Regulatory Sludge: Reducing Paperwork Burdens to Preserve Our Time

Julie Balla

By Julie Balla

March 20, 2019

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Time is the most precious commodity – let’s see if we can find ways to give our fellow citizens more of it. – Cass Sunstein

Cass Sunstein, Robert Walmsley University Professor at Harvard and former Administrator of the Office of Information and Regulatory Affairs (OIRA), thinks the costs of paperwork burdens imposed on the American people must be justified by their benefits—now.

On Friday, at the Society for Benefit-Cost Analysis Annual Conference & Meeting, Sunstein delivered a keynote speech on “sludge,” the friction created by the unnecessary paperwork burdens inhibiting access to government programs and benefits. In it, he highlighted his forthcoming Duke Law Journal paper titled “Sludge and Ordeals,” in which he details the problems with sludge, the (sometimes legitimate) reasons it exists, and a few proposals to reduce it. His passionate remarks urged immediate, but realistic, efforts to reduce this paperwork burden.

The cost of “sludge”

The Office of Management and Budget’s 2015 Information Collection Budget estimates the size of the paperwork burden on the American people at around 9.87 billion hours per year. Sunstein mentioned that the current estimate is closer to 11.3 billion hours but noted that even this number is likely conservative. Time isn’t the only thing lost to paperwork, though. Other costs include psychological ones, like frustration and humiliation, leading to procrastination and resignation. A combination of factors might cause perfectly eligible (and rational) people to give up on complicated forms that would have granted them access to beneficial government programs and resources.

Sunstein highlighted the “Free Application for Federal Student Aid” (FAFSA), among other sources of sludge, as ironically being not “free” at all if you consider the lost value of time associated with filling out the complicated online forms. The benefits of receiving federal student aid are accessible only to those with enough time to learn the procedures and complete them correctly.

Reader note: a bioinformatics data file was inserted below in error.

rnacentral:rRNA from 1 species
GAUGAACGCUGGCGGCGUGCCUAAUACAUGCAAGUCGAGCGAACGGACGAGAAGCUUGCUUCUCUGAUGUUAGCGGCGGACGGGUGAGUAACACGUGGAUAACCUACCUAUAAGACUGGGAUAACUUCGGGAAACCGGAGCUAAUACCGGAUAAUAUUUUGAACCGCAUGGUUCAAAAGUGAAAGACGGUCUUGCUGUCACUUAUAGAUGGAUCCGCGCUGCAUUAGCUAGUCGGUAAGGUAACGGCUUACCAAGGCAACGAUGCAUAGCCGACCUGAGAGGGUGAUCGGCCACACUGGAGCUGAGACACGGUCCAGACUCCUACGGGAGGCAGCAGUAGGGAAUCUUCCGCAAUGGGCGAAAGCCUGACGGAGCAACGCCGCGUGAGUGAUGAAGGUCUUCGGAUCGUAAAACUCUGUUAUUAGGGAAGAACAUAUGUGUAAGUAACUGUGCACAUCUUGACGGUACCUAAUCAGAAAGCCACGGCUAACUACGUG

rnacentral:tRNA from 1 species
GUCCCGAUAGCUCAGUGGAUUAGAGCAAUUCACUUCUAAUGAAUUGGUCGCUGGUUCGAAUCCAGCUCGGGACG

It is easy to see how these types of costly time burdens can disproportionately affect the poor, disabled, and elderly, among other vulnerable populations. Government programs, like Medicaid and the Supplemental Nutrition Assistance Program (SNAP), are meant for people experiencing ongoing physical or socioeconomic challenges. Yet the sludge required for participation may discourage potentially worthy recipients. While extensive application and reporting requirements are often imposed out of a well-intentioned concern for program integrity, Sunstein argued that administrations—past and present—haven’t paid enough attention to the cost tradeoffs involved. Agencies should establish “institutional sludge audits” to explicitly quantify the time spent on sludge and evaluate whether it is worth it.

Our agriculture sector research supports Sunstein’s claim

In Sunstein’s remarks, he noted the need for an increase in empirical approaches to understanding and quantifying sludge. A recent cooperative agreement between the GW Regulatory Studies Center and the U.S. Department of Agriculture adds to this body of work. Through quantitative analysis of the relationship between regulatory restrictions and agricultural productivity, the forthcoming report details how different regulatory forms carry a mixture of consequences for crop yield, a measure of productivity. Specifically, the results suggest that an increase in growth of “monitoring, reporting, and verification requirements” demonstrate a statistically significant association with a drop in the growth of crop yield. "Monitoring, reporting, and verification requirements" include recordkeeping and might fit Sunstein’s definition of “sludge.”

Though there are competing theories on the effects of regulation on productivity, our study supports Sunstein’s concern that time-intensive regulatory requirements impose real costs, at least in the agriculture sector. While our research didn’t address distributional effects, these burdens are likely felt most directly by smaller farms and businesses. These findings suggest the need for further research on the measurable costs of paperwork and other forms of sludge across industries.

A call to action

Sunstein called those attending the SBCA Conference to prioritize empirical research and analysis as a first step towards tackling both the stock and flow of paperwork burdens. His keynote energized the policymakers and analysts to think more carefully about the hidden problem of sludge, and consider both its costs and benefits.

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